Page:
AI uses large language models which are defined as deep learning algorithms that can recognize, summarize, translate and generate content. AI is self learning, and can use (or compute) and learn from vast quantities of data. In this podcast Mustafa Suleyman, who founded Deep Mind, later acquired by Alphabet, tells us of the prodigious appetite for compute, which, since 2013, has grown  10X every year for ten years! It is able to recollect and analyze all data.

So, perhaps, a bigger risk is a geopolitical one. Hear this video from The Guardian. In it, a woman gets a call stating that her daughter has been kidnapped. She hears, and recognizes, her daughter’s voice screaming for help. A ransom is demanded, with dire consequences to her daughter if unmet. Luckily for her, she discovers that it’s a scam, and gets away with nothing more than a serious fright.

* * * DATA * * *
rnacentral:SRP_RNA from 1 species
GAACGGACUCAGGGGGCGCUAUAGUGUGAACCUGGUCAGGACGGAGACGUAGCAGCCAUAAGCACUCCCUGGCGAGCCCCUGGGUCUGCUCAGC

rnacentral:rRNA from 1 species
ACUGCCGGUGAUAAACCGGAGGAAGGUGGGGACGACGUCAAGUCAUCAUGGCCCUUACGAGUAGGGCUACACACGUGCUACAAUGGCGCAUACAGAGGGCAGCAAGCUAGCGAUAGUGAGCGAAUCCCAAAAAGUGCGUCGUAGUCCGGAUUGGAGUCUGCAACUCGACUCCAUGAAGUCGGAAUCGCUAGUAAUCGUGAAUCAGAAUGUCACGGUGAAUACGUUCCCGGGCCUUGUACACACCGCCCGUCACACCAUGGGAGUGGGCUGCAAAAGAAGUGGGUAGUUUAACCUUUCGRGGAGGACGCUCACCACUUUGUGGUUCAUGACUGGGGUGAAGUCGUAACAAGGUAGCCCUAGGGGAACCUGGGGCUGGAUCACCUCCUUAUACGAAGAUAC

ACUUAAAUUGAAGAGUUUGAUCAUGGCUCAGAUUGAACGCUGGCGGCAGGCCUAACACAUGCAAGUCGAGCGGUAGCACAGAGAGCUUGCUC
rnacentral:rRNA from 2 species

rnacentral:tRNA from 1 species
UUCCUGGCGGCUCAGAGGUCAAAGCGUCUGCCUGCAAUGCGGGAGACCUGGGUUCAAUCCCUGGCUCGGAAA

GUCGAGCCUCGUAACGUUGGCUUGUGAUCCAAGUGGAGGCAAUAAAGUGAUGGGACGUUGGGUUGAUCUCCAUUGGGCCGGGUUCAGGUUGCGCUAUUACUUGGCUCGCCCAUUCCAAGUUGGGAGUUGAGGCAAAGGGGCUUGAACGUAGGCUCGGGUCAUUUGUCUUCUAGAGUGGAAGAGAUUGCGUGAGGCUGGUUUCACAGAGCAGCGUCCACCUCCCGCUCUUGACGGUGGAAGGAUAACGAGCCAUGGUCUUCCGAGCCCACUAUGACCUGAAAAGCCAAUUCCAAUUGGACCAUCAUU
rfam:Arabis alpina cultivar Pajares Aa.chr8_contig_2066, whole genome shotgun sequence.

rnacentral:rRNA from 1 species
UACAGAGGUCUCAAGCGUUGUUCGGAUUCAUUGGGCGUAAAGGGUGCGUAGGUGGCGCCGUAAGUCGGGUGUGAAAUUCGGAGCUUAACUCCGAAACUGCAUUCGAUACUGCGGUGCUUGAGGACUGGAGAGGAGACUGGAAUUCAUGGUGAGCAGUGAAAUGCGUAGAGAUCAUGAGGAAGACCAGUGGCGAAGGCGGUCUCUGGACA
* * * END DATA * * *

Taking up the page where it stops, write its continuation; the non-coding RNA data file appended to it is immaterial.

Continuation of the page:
AI had cloned the daughter’s voice to such perfection that later, when the mother spoke to her daughter, she was still uncertain which was the genuine voice!

This is frightfully scary. Imagine evil players, of whom there is no shortage, cloning the voice of a leader, Biden, Xi, Putin, or anyone and publicly announcing the launch of a nuclear weapon! Given limited response time, a few minutes to be able to intercept it with missiles of your own, the possibility of an unwarranted nuclear war cannot be ruled out.

Last week the BSE Sensex closed at 67838, up 240.